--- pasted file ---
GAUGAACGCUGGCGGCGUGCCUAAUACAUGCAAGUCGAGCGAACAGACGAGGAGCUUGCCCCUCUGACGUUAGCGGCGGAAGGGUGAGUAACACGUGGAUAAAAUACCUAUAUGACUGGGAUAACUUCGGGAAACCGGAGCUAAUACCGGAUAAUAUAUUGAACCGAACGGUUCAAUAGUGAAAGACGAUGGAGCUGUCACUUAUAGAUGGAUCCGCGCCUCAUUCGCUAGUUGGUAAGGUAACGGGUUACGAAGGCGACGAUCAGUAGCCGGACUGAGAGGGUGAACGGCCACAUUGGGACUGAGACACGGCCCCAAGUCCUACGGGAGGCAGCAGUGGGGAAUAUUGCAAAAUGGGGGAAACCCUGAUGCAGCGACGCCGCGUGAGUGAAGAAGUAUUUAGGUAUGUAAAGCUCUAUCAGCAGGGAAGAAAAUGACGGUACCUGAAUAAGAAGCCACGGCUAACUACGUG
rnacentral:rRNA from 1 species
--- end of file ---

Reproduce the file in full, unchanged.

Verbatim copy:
GAUGAACGCUGGCGGCGUGCCUAAUACAUGCAAGUCGAGCGAACAGACGAGGAGCUUGCCCCUCUGACGUUAGCGGCGGAAGGGUGAGUAACACGUGGAUAAAAUACCUAUAUGACUGGGAUAACUUCGGGAAACCGGAGCUAAUACCGGAUAAUAUAUUGAACCGAACGGUUCAAUAGUGAAAGACGAUGGAGCUGUCACUUAUAGAUGGAUCCGCGCCUCAUUCGCUAGUUGGUAAGGUAACGGGUUACGAAGGCGACGAUCAGUAGCCGGACUGAGAGGGUGAACGGCCACAUUGGGACUGAGACACGGCCCCAAGUCCUACGGGAGGCAGCAGUGGGGAAUAUUGCAAAAUGGGGGAAACCCUGAUGCAGCGACGCCGCGUGAGUGAAGAAGUAUUUAGGUAUGUAAAGCUCUAUCAGCAGGGAAGAAAAUGACGGUACCUGAAUAAGAAGCCACGGCUAACUACGUG
rnacentral:rRNA from 1 species